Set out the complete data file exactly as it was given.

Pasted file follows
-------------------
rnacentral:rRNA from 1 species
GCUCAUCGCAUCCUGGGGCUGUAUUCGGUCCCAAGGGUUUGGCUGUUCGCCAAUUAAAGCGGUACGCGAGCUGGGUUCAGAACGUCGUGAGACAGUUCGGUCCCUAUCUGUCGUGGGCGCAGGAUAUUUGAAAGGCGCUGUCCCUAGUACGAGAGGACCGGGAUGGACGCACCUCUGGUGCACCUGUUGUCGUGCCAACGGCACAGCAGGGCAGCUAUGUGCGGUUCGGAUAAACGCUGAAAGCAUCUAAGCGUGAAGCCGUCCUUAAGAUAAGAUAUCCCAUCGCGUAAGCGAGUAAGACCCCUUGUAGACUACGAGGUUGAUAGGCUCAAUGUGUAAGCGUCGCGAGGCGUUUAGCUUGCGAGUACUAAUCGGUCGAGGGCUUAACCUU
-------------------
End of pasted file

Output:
rnacentral:rRNA from 1 species
GCUCAUCGCAUCCUGGGGCUGUAUUCGGUCCCAAGGGUUUGGCUGUUCGCCAAUUAAAGCGGUACGCGAGCUGGGUUCAGAACGUCGUGAGACAGUUCGGUCCCUAUCUGUCGUGGGCGCAGGAUAUUUGAAAGGCGCUGUCCCUAGUACGAGAGGACCGGGAUGGACGCACCUCUGGUGCACCUGUUGUCGUGCCAACGGCACAGCAGGGCAGCUAUGUGCGGUUCGGAUAAACGCUGAAAGCAUCUAAGCGUGAAGCCGUCCUUAAGAUAAGAUAUCCCAUCGCGUAAGCGAGUAAGACCCCUUGUAGACUACGAGGUUGAUAGGCUCAAUGUGUAAGCGUCGCGAGGCGUUUAGCUUGCGAGUACUAAUCGGUCGAGGGCUUAACCUU